A colleague commented to me recently: “Where would we be without the states leading and driving the response to Covid-19?”
It made me think. To cut through all the spin, point-scoring and blame-shifting. Sure, there was the national cabinet and Scott Morrison’s attempt to forge a national, collaborative response, but so much of the heavy lifting was actually done by the states.
Even in areas where our national government has traditionally had clear, overarching responsibility, such as quarantine and aged care, Morrison stepped back, finding it easier to concede, criticise and blame, rather than act.
Of course mistakes are made, and finger-pointing is easy, but none of this “argie- bargie” is in the national interest.
So it is too with the response to a far more significant challenge: climate. Again it has fallen to the states to lead with more realistic targets, strategies and attempted policy responses.
Of course, it would be preferable to have a coordinated national response, but the Morrison government has ignored the significance and urgency of the challenge and abrogated this responsibility. It has again created a leadership vacuum, which the states, rightly or wrongly, are attempting to fill.
Energy is the current political focus, with states such as New South Wales and Victoria forging ahead with net zero emissions targets and various strategies to accelerate the transition to renewables, but causing disquiet with the regulators, major industry players, as well as the Morrison government.
In recent days we have seen the national energy minister Angus Taylor pushing for the states to be “transparent” with their energy plans, industry players crying about “market distortions” (which of course they have been more than happy to exploit), and regulators seeking clear “market principles” and more detail as to transition strategies.
The outcome? A hotchpotch of market forces, regulation, vested interests and confusion, pretty much as was generated against the former South Australian government led by Jay Weatherill, or in the tortuous process around the national energy guarantee, with the result being unreliability of supply and households and businesses overcharged.
Clearly, if the Morrison government were true to its ideological roots, claiming to be “conservative” (believing in small government, limited regulation and market forces), they would step back, develop an appropriate framework for the market to set a “price on carbon”, with a commitment to address the “transition frictions” in certain communities, and let the industry players get on to deliver the transition to cheaper, low emissions, dispatchable renewables with cost-effective storage.
Yet the government prefers to play politics, threatens “big sticks”, falsely claims easy achievement of its modest Paris commitments, and resists longer-term targets and commitments, all while promising cheap and reliable power. Such behaviour guarantees the continuation of our global status as a “laggard”. They hide behind their slogan “Technology Not Taxes” when, ironically, their technology roadmap would be more believable, accelerated and more effective with a carbon price.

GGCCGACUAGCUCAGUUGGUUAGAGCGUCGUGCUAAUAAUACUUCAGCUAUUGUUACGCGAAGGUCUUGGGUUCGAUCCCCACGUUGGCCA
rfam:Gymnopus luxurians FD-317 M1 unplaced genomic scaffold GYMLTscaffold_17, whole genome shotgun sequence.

The NSW proposals for power infrastructure – renewable energy zones to house a range of renewable energy generation and storage projects, with consumer protections, “reverse auctions” to provide off-take certainty to power generators, and supportive grants – are understandable and have some merit, but raise serious questions as to the “fit” with the grid, the inflexibility and cost of pumped hydro storage, general uncertainty as to how the system will actually work, and whether it will be cost-effective and reliable for consumers.
Meanwhile, the Morrison government and its fossil fuel mates are off on a completely different track, pretending that there is a viable case for more new coal-fired power, and still a case for new gas generation as a “transition”, even though renewables are much cheaper, major banks are reluctant to finance, major insurers are reluctant to insure such projects and investors suspect they will be stranded assets within a decade.
The Morrison government is also committed to storage via Snowy Hydro 2.0 even though it just doesn’t stack up commercially, according to Aemo wouldn’t be needed until about 2042, and is geographically inflexible relative to a sensible and cost-effective development of storage along the grid.
Clearly, there is an urgent imperative for national leadership on not only the transition to renewables in the power sector, but also the essential transitions across all the emitting sectors, especially transport, agriculture, buildings and industrial processes.
This leadership must start with an honest assessment of the climate challenge for a country such as Australia ranking as the 5th or 6th largest global emitter when our fossil fuel exports are taken into account. Our Paris commitments are about half what was recommended by the Climate Change Authority – we need to roughly halve emissions by 2030, and again by 2040, to get near net zero emissions by 2050.
The essential transitions can be effectively and fairly planned and managed over the next three decades. With Joe Biden as the new US president the global pace will quicken markedly. It is grossly irresponsible for Morrison to duck this responsibility, wasting even more time trying to wedge the opposition and the states.